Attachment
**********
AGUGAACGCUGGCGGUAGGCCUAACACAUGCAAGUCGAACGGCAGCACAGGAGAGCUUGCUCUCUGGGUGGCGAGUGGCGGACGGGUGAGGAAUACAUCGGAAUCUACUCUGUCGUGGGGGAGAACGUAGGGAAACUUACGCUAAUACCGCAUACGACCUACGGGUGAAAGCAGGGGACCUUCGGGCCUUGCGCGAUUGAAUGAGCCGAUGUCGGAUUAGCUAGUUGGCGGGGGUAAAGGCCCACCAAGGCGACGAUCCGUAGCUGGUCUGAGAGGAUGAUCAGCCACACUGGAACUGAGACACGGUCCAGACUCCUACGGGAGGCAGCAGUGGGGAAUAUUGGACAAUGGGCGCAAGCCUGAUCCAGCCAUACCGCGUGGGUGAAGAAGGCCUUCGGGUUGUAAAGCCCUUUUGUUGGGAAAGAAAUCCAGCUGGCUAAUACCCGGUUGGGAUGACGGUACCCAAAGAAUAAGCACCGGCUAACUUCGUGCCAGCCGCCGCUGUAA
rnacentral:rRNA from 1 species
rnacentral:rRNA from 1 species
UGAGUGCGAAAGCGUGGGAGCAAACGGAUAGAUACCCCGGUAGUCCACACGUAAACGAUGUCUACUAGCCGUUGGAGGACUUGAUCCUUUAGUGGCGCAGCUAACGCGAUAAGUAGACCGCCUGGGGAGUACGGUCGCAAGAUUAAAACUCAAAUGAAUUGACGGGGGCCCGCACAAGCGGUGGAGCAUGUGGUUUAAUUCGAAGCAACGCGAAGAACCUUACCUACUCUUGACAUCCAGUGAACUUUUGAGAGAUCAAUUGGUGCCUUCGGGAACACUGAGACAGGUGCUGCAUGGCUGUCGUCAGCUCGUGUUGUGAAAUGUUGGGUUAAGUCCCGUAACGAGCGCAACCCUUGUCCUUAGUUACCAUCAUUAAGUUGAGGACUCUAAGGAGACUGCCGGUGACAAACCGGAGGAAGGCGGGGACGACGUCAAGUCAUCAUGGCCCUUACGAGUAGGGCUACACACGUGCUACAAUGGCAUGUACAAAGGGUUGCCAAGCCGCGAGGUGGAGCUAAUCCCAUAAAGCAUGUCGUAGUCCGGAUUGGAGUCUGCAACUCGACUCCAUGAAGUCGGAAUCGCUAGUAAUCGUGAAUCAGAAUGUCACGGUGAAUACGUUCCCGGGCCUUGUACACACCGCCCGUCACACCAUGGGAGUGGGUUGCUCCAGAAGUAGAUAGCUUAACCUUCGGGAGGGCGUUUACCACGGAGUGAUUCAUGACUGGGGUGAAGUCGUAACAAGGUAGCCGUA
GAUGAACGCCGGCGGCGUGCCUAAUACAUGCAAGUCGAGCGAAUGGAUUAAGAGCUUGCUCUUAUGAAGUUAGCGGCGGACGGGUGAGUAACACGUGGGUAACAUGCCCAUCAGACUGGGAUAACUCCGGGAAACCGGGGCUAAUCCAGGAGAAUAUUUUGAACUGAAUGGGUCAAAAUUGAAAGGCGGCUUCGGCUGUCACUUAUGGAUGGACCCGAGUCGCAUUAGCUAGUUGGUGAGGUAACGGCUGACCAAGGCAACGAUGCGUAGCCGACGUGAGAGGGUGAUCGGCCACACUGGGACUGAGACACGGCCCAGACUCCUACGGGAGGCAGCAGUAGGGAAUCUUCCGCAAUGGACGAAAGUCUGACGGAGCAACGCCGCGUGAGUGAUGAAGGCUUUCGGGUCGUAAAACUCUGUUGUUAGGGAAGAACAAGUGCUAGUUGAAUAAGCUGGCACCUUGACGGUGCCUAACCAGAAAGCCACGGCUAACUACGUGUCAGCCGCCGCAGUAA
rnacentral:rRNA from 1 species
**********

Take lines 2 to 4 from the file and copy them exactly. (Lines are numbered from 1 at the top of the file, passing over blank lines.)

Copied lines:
rnacentral:rRNA from 1 species
rnacentral:rRNA from 1 species
UGAGUGCGAAAGCGUGGGAGCAAACGGAUAGAUACCCCGGUAGUCCACACGUAAACGAUGUCUACUAGCCGUUGGAGGACUUGAUCCUUUAGUGGCGCAGCUAACGCGAUAAGUAGACCGCCUGGGGAGUACGGUCGCAAGAUUAAAACUCAAAUGAAUUGACGGGGGCCCGCACAAGCGGUGGAGCAUGUGGUUUAAUUCGAAGCAACGCGAAGAACCUUACCUACUCUUGACAUCCAGUGAACUUUUGAGAGAUCAAUUGGUGCCUUCGGGAACACUGAGACAGGUGCUGCAUGGCUGUCGUCAGCUCGUGUUGUGAAAUGUUGGGUUAAGUCCCGUAACGAGCGCAACCCUUGUCCUUAGUUACCAUCAUUAAGUUGAGGACUCUAAGGAGACUGCCGGUGACAAACCGGAGGAAGGCGGGGACGACGUCAAGUCAUCAUGGCCCUUACGAGUAGGGCUACACACGUGCUACAAUGGCAUGUACAAAGGGUUGCCAAGCCGCGAGGUGGAGCUAAUCCCAUAAAGCAUGUCGUAGUCCGGAUUGGAGUCUGCAACUCGACUCCAUGAAGUCGGAAUCGCUAGUAAUCGUGAAUCAGAAUGUCACGGUGAAUACGUUCCCGGGCCUUGUACACACCGCCCGUCACACCAUGGGAGUGGGUUGCUCCAGAAGUAGAUAGCUUAACCUUCGGGAGGGCGUUUACCACGGAGUGAUUCAUGACUGGGGUGAAGUCGUAACAAGGUAGCCGUA